NFL Strikes Deal to Bring Football Clips to YouTube

Tom Brady Playing NFL - H 2014
AP Images

Tom Brady Playing NFL - H 2014

The National Football League has launched a YouTube channel for game previews, in-game highlights, recaps and more.

Football is finally coming to YouTube. 

The National Football League has struck a deal to bring official football game highlights and more to the Google-owned streamer. 

As part of the deal, NFL has launched a YouTube channel that it will program with curated clips of game previews, in-game highlights, postgame recaps and other news, analysis and fantasy football tips from NFL Network and In addition, Google will now promote official NFL game highlights through Google search along with kickoff time and broadcast information for every NFL game.  

The Wall Street Journal reports that the multiyear deal cost Google in the multimillions annually and will see Google handling the ad sales for channel. Once Google recoups the fee it paid for the NFL rights, the search giant will then split ad revenue with the NFL. 

The NFL has long held tight control over its video rights and has held out on posting them for free on the Internet. Instead, the league has developed its own digital products, including the fledgling NFL Now video subscription service. But in a sign that the NFL has loosened its grip on its video content, the league struck a deal with Facebook in December to bring short video clips to the social network alongside ads from Verizon Wireless. A deal with YouTube, where NFL videos have long been posted illegally, is the next step.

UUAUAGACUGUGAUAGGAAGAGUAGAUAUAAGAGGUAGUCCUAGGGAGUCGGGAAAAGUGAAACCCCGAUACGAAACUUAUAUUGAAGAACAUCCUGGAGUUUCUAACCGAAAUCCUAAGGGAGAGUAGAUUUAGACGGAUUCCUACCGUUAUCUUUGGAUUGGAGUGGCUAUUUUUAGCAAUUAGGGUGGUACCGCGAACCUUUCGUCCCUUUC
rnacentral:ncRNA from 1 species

"Partnering with YouTube and Google provides the NFL unique access to millions of highly engaged fans through the global leader in video and search," said NFL senior vp media strategy and business development Hans Schroeder. "We continue to see an insatiable appetite for digital video content, and this partnership further expands fans' ability to discover and access NFL content throughout the year."

The YouTube channel comes just in time for the Super Bowl, which takes place Feb. 1 in Glendale, Ariz.